Wells Fargo & Co. chairman Paul Hazen lived up to star billing at the Retail Delivery '97 conference by sounding like Bill Gates.

In a speech 24 hours after one by the software magnate, Mr. Hazen endorsed one of the Microsoft Corp. chairman's big ideas-the electronic presentment and automated payment of bills via personal computer.

In perhaps the strongest public statement on the subject by a major bank chief executive officer, Mr. Hazen called it "a significant evolution in banking" and "a competitive edge that can greatly enhance our position in on-line services."

Mr. Gates' pitch Wednesday was along similar lines. He said bill presentment is "a key area for banks (and is) at the top of the list of ways to get customers to their Web sites on a regular basis."

Mr. Hazen's remarks indicated that Wells' relationship with Mr. Gates and Microsoft and its significant investments in Internet-based and other automated services have strong support from the top of the bank.

The comments also reinforced the notion in the electronic banking community that Wells Fargo may have a closer philosophical and business affinity to Microsoft than any major financial institution. Wells was among the first in line to test Microsoft's technical framework for Internet banking, code-named Marble, and it will be in the pilot of the MSFDC automated bill processing program, the software leader's joint venture with First Data Corp.

Sounding like a true technologist, Mr. Hazen said he expects customer acceptance of innovations like Internet banking and bill presentment to follow patterns seen earlier with telephone banking and automated teller machines.

He even quoted Mr. Gates' "rule" that promoters of a new technology tend to overestimate acceptance in the first two years but underestimate the 5- to 10-year proliferation. He pointed out that Wells made its decision to provide Internet banking in May 1995, and most of its more than 400,000 current on-line customers are reaching Wells via that medium.

Wells executive vice president Dudley Nigg, speaking earlier at the Bank Administration Institute's annual retail technology conference, said he expects 700,000 on-line customers by the end of next year and a million the year after that.

"This is not R&D any more," Mr. Nigg said.

"Eventually it reaches critical mass and explodes," said Mr. Hazen.

Mr. Hazen and other Wells executives were engaged much of this year in damage control in the aftermath of poor post-merger integration results at First Interstate Bancorp. Wells' stock price was depressed for months but sentiment turned recently and the price shot up wildly on takeover speculation Thursday.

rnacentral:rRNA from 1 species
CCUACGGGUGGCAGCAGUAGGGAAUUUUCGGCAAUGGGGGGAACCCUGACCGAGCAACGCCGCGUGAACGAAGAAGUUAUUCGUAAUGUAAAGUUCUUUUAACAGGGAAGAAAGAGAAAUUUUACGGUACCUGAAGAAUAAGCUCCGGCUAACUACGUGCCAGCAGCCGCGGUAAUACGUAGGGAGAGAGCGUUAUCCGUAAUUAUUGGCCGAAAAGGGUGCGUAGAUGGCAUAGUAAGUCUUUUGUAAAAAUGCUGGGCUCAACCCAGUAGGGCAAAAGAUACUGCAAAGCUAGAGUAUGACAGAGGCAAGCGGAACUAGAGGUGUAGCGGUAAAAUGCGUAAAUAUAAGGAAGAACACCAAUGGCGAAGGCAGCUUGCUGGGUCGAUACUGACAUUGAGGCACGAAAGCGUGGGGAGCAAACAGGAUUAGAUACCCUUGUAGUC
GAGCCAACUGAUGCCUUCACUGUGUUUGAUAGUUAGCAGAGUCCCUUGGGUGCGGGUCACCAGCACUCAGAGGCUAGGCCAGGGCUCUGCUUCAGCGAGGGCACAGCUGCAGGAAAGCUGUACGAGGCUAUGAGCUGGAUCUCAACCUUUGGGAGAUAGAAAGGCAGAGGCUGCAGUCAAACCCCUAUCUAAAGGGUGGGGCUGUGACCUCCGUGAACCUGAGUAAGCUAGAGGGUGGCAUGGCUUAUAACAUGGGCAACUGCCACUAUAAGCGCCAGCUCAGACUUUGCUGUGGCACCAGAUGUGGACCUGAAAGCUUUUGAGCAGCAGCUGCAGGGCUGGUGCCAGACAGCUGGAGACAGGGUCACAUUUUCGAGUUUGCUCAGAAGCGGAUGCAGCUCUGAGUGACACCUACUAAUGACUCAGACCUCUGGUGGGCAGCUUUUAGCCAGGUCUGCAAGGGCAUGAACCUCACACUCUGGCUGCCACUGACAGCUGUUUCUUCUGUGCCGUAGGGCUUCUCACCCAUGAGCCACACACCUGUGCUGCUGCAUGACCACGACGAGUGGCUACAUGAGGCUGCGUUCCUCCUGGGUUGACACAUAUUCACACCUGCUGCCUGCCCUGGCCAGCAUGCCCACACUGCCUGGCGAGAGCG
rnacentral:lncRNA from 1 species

The San Francisco banking company had always prided itself on its consistent technological commitment, and admiring comments still come its way from other quarters.

Wells is one of five on Donaldson, Lufkin & Jenrette analyst Thomas K. Brown's list of best-positioned U.S. bank holding companies. (Royal Bank of Canada is also in that league.) Mr. Brown said Wells is far and away the best when it comes to "coordinating channel management and pricing"- managing the evolution of customers and services across a range of technologies and access alternatives.

"What Wells is doing in delivery systems is one of the most important changes in the banking industry today," Mr. Brown told the BAI conference.

"What I like about Wells is that they have chosen to do something a whole lot different." He especially praised its supermarket banking strategy that allowed it to close about half of 45 branches in Sacramento, for example, but in the end increase the total number of banking locations to 90. Expenses fell 20% in the area while sales rose 25%.

Wells' unique course also won praise from Harvard Business School professor Michael Porter, a renowned guru of competitive strategy. Mr. Porter contended that strategy is defined by making choices and focusing, not trying to be all things to all people. He put Wells in a category of winners with companies like Vanguard Group, Southwest Airlines, and Enterprise Rent a Car, which did not follow industry norms.

He described Wells' as an "ultra-convenience strategy ... focused on the consumer. Not all customers want convenience, and that's fine. Wells says, 'For those that really want convenience, we got it.'"

He complimented Wells for "selecting technologies and a pace of change based on its positioning," rather than trying to keep up with others' "best practices," which would be competitively futile. "When something new comes along-the Internet, WebTV, electronic bill presentment-they add it."

Mr. Hazen spoke of a "continuum of service options," ranging from branches to phones to the Internet and a variety of terminal devices and appliances including the Mondex smart card system that Wells co-owns-that must be in place as customers inevitably "demand more efficient ways of doing their banking."

He conceded that trends and technologies can be unpredictable, and Wells does not "have all the answers." But "institutions that base their approaches to retail banking on the sweeping changes in lifestyles and technology will be in the strongest position for the future."

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